"The expectation is that any changes made as a result of the examination should be broadly revenue neutral," said Stephanie Rubec, spokeswoman for the Finance Department.
"It is done as part of the department's routine examination of the tax system to ensure it is operating efficiently and to identify areas for potential improvement."
The department quietly launched the wide-ranging review last summer to examine GST rules from 1991 that have failed to keep pace with the galloping complexity of new financial services in Canada and abroad.
The finance sector is generally exempt from the GST or HST, but certain associated services — called "supplies" in tax argot — may be taxable.
And as the sector evolves rapidly, there's deepening confusion about just what is owed to the Canada Revenue Agency, and on what services, for the value-added tax that is often harmonized with provincial tax as the HST.
Canada's insurance industry, for example, faces a $1-billion bill for back taxes by the end of this month, a GST liability critics say has been largely obscured for the last seven years.
"The GST/HST, along with other value-added tax regimes worldwide, has struggled to keep up with the pace of change in the financial sector," says one recent study commissioned by the Finance Department, obtained under the Access to Information Act.
"While the exemption of financial services from GST/HST may have been politically and administratively expedient at first ... ambiguity about the scope of the exemption and about its application to new products and cross-border transactions have lead to extraordinary complexity and compliance challenges."
The department created a six-member team last year that has ordered a series of in-depth studies, and has made several dozen presentations to finance industry stakeholders.
KPMG was also hired to create a $170,000 database describing the myriad of "supplies" in the banking and investment sectors, for use in analyzing potential GST or HST payable.
Another $73,500 report commissioned from Deloitte provides an in-depth look at value-added taxes for the financial sector in Singapore, South Africa and Japan.
Yet other detailed studies look at Australia, New Zealand and the United Kingdom, and at Canada's insurance industry.
Rubec says the review "is being conducted on a first-principles basis, with no pre-conceived outcome," and that the team has not been given a deadline.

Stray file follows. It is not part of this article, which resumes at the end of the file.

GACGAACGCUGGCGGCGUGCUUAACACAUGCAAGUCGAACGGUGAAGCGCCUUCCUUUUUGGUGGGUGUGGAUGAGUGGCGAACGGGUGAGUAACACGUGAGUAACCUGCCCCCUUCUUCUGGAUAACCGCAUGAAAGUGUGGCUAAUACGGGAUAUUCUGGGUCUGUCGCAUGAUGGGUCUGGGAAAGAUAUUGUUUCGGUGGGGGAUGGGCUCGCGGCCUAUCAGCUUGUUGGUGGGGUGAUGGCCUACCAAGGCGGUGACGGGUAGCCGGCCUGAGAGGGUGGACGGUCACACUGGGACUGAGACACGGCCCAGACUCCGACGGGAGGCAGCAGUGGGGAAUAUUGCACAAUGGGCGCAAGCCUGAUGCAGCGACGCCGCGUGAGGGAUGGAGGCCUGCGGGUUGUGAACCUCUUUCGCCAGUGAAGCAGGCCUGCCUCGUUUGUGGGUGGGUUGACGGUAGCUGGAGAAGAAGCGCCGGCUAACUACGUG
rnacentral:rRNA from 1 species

"This is a long-term analytical exercise, and no public output is anticipated in the near future."
A University of Calgary economist, who advises the finance minister as part of an economic council, says an overhaul of the GST rule book is long overdue.
"The GST is not as well-designed as it could be," Jack Mintz said in an interview. "There's a lot of exemptions.
"All the special credits and preferences in the system (mean) the base is actually a lot narrower than it should be, and that actually creates some of the difficulties."
Mintz says the Finance Department has started the overhaul by focusing on the financial sector because "it's the area that has gotten the most pressure from the business community."
A tax partner at PricewaterhouseCoopers Canada, who has sounded alarms about revamped GST rules affecting the insurance industry, criticizes the "revenue neutral" goal.
"To impose a condition that a bundle of changes for a policy upgrade be neutral is unfortunate, and precludes a best-for-Canada outcome, in my view," Michael Firth said in an interview.
"It's like saying you can go white-water rafting, but only in the lounge."
The review team is thus prevented from tossing out recent GST legislative changes that hit the insurance sector with back taxes, which would be revenue negative, he said.
But Mintz said he supports the goal of revenue neutrality, noting that an exercise that broadens the base of goods and services taxed by the GST could allow the government to lower the current rate while maintaining existing revenues.
"Let's fix problems but not try to raise revenues," he said.
The Finance Department rejects any claim that its tax amendments in 2010 were a change in GST policy, saying the revisions merely restored the original intent of the 1991 regime after the government lost a 2003 tax court case because of fuzzy wording.
A KPMG report for the review team says one of many complexities surrounding the GST problem is determining just where a financial transaction takes place.
Consider, for example, the fictional example of a "Canadian resident ... electronically accessing his 'French' bank account balance, opened at the Paris branch of a Swiss-based bank that keeps its servers in India, from a cellphone while travelling in London."
Other taxing conundrums arise with reward points on credit cards or with the services of discount brokers, neither of which were fully contemplated in 1991, when the GST was introduced.
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